When a judge signs off on your divorce and child custody arrangements, they probably hope never to see you again.
What they would prefer is that when minor issues crop up regarding how you share parenting, you can sort them out amicably between you. That said, there are some situations where you definitely should consider returning to court and have them approve a modification. Here are the main ones:
If one of you wants to leave the area with the child
Courts like to see both parents play a consistent role in their child’s life. Hence, they will often put the brakes on one parent’s attempt to leave the area and take the child with them – as that would affect the other parent’s rights to spend time with their child and the child’s ability to spend time with their parent.
So, even if you and your co-parent agree to this move, you should always get it signed off by a court. If you can’t agree, you will need to present your arguments to the judge and let them decide.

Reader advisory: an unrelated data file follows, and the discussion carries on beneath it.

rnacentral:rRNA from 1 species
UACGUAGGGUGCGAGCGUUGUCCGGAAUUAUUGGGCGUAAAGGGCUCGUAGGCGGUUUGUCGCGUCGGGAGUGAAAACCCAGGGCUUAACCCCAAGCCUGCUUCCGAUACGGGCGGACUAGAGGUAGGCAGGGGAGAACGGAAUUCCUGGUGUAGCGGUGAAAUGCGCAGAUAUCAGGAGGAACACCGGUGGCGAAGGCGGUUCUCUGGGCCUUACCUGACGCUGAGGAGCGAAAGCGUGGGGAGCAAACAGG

Where safety becomes an issue
Your child’s safety must be your priority, and it is the court’s priority, too. So, if you discover your ex has become a danger to your child’s safety, you may need to petition the court to modify custody. You’ll need solid reasons and proof of the risk.
If your co-parent fails to stick to the original arrangement
Maybe your co-parent tends to turn up a few minutes late to drop off or pick up your child. A court won’t be interested in that. They would take an interest in more severe breaches of the agreement – such as consistently failing to show up at all or refusing to release the child when it is your turn to have them.
If you are unsure about whether you need to apply for a custody modification, it is wise to get a legal opinion.